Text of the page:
by Camillo De Marco
- BERLIN 2019: Through a rigorous but somewhat moralistic lens, Adele Tulli explores the normalisation of social practices characterising gender identities in Italy today
Girls play with dolls and boys play football – this should come as no surprise to any of us. But many of us often forget about the whole spectrum of colour that exists between these black and white options and where we might find shades of activity invisible to the human eye, wavelengths which go undetected. Where else could we classify MammaFit, the park workout for mums looking to exercise around their baby-filled buggies? Or “PUA Training” which teaches the “natural” seduction of women? Or super kitsch hen parties with their limousines and phallic cakes?
Reminding us of the existence of all this is Normal [+see also:
film profile], the documentary by Adele Tulli which had its world premiere at the 2019 Berlinale, competing in the Panorama section of the festival. With her Masters in Screen Documentary from London’s Goldsmiths University, Tulli has put a clear focus on gender studies and queer culture (her work, 365 Without 377, which won an award at the Turin GLFF in 2011, recounted the struggles experienced by members of the Indian gay community). With Normal, she is switching perspective to reveal the “normalisation”, as suggested by the title, of social practices which wouldn’t have been considered so conventional once upon a time, but which are now part and parcel of gender identities in Italy. This “unexpected atlas” of norms and stereotypes, as the director describes the film in her notes, is actually, to take the metaphor even further, the portrayal of two distinct planets whose orbits never cross and whose inhabitants are probably unaware of the existence of the other.
Girls express their identity through Sunday gatherings spent worshipping fairies and princesses (imaginations inspired purely by Disney), or through the long-time, classic ritual of piercing their ears. Adolescent girls huddle together to idolise innocuous Italian YouTuber, Antony Di Francesco, under his hotel balcony. Young women deploy their charms while decked out in bikinis and taking part in Miss World (“What would you like to do in life?” “Hmm… I’d say criminology”). The picture is slightly more domesticated for brides-to-be attending marriage preparation courses (“having to iron shirts, clean your houses and cook for your husbands might be quite traumatic for you …”). The seven-year-old alpha male, meanwhile, bombs along at a hundred miles an hour in his mini-motorbike race. The older boy gazes admiring at the models pouring water on one other, perched on the cars on display. The sad ritual of the post-wedding photoshoot on the beach is rather less macho, and of equally poor taste is the rainbow cake and the embarrassing gay wedding ceremony in Ferrara. Paradoxically, the Catholic Church has made an exception here, represented by a parish priest who speaks in the same way as the young couple, without distinguishing between male or female, and who calls the lack of dialogue on the matter “the real betrayal”.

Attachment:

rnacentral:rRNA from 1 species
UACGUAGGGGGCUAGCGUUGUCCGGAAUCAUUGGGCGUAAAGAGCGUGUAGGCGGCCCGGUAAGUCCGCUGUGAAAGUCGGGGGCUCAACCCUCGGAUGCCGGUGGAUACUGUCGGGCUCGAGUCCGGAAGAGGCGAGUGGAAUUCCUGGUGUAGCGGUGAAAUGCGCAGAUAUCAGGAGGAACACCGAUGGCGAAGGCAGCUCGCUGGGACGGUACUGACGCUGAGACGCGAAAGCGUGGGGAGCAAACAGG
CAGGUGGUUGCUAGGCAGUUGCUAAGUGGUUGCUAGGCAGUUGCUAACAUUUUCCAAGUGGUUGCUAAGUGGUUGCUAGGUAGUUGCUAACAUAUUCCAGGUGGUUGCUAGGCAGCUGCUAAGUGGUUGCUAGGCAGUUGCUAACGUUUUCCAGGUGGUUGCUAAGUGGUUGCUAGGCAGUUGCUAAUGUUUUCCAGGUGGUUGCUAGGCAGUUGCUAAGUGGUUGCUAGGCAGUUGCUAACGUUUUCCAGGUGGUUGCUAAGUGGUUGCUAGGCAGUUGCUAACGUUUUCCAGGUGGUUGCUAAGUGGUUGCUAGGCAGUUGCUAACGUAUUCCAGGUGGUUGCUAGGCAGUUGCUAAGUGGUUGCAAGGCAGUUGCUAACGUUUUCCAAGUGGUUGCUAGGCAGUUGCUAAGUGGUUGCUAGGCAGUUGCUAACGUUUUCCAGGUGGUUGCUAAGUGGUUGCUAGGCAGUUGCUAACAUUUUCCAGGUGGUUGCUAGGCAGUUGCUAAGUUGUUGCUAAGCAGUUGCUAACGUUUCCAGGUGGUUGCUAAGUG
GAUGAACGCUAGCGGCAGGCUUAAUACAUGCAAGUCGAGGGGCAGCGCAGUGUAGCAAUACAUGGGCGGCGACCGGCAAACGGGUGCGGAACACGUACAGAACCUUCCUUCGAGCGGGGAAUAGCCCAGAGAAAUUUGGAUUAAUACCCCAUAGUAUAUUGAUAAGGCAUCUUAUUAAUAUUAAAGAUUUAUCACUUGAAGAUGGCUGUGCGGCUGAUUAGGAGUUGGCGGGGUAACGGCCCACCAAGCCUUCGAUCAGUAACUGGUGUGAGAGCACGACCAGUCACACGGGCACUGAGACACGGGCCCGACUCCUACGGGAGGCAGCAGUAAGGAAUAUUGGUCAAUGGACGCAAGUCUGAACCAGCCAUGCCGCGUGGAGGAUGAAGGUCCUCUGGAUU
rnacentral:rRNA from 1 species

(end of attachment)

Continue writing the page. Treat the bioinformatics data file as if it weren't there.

The film’s images have the charm of horror vacui, the camera fixed meticulously, observing adolescent boys shooting aliens or zombies in an amusement arcade, while all the audience can hear is the intolerable racket of their weapons blasting out from the boys’ headsets. The music, courtesy of Andrea Koch, emphasises these images, while the editing by Ilaria Fraioli, with the help of Elisa Cantelli and the director herself, sets a calm and unhurried pace to proceedings.
Viewers may well ask themselves where it all began or believe the director’s viewpoint to be too moralistic (as we do), but the documentary doesn’t give us answers on the social dynamics we are witnessing. Ironically, it can all best be explained by the final scenes of the film, where we see a magician cut his assistant in half and make her disappear before finally setting fire to her.
Normal is a FilmAffair production which is co-produced by AAMOD – Archivio Audiovisivo del Movimento Operaio e Democratico, in association with the Istituto Luce Cinecittà (who is also distributing the film in Italy), Intramovies, Rai Cinema and Swedish firm Ginestra Film. International sales are managed by Slingshot Films.
(Translated from Italian)
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